Hands Are for Holding, Not for Hurting Child Abuse Activity

Sometimes a teacher needs a variety of lessons and activities to choose from relating to the topics taught Slide1 (3)in the curriculum for different reasons. Sometimes, it’s because you just want to freshen up your plans or because the amount of time you have to teach something changes. Sometimes, it’s because new resources become available that you “just have to implement”. Sometimes, it’s because you need variety due to the personalities and dynamics of a class. Regardless of the reason, I thought I would share a new little project that I created and did with my Child Development students based on the child abuse topic: shaken baby syndrome.

Set

  • Pass out the guide sheet to the video “Forever Shaken” and ask students to complete the bell ringer and pre-viewing column on the worksheet prior to viewing the video.
  • View the video “Forever Shaken” and have students complete the guide sheet.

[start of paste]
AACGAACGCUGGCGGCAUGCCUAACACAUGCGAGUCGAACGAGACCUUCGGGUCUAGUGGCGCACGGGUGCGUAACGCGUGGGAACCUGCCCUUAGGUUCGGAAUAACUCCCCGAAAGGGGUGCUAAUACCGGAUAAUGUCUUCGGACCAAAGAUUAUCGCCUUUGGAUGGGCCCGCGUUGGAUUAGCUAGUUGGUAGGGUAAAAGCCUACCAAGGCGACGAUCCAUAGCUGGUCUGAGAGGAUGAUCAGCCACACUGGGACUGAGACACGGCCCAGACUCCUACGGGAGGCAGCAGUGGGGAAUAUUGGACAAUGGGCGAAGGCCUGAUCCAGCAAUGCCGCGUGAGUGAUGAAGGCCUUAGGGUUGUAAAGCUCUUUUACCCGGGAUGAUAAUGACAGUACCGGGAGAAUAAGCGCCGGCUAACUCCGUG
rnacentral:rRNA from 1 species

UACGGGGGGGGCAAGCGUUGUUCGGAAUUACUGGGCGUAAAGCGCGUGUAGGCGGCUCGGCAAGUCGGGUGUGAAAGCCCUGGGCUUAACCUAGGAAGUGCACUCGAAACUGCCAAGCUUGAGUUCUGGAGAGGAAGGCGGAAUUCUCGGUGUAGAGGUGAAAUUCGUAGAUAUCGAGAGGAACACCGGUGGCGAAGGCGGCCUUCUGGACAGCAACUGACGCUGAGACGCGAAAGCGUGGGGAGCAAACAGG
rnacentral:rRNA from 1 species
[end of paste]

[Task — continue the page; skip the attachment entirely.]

• Discuss the guide sheet when finished and share hashtags on the board.  Note:  Emotions will run high with this topic during discussion.

 

Materials

  • Projector & Screen
  • White Construction Paper
  • Blue Paint & Paint Brushes
  • Sharpies

Activities

  • Begin by having students paint their hand blue (the color for child abuse) and press their hand print onto a piece of white construction paper.
  • While the paint is drying, students receive the project sheet for the “Hands are for Holding, Not for Hurting” assignment where students write a concrete poem rough draft about shaken baby syndrome and abusive head trauma.
  • Once the paint is dry, students lightly write their poem around their hand print in pencil.  The goal is to stretch it all the way around their hand print.  They may have to write smaller or larger to accommodate their space.  Once they figure that out, they trace over their poem with a sharpie marker and add the title “Hands are for Holding, Not for Hurting”.  Some students chose to add hearts to their hand prints as well.
  • Students orally share their poems and then we hang them around the room and outside my door as visual reminders.

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